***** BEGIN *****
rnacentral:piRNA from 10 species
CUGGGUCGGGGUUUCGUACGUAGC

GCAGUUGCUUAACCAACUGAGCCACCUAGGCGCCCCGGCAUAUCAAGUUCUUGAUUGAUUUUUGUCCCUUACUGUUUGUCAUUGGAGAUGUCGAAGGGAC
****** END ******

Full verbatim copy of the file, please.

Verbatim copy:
rnacentral:piRNA from 10 species
CUGGGUCGGGGUUUCGUACGUAGC

GCAGUUGCUUAACCAACUGAGCCACCUAGGCGCCCCGGCAUAUCAAGUUCUUGAUUGAUUUUUGUCCCUUACUGUUUGUCAUUGGAGAUGUCGAAGGGAC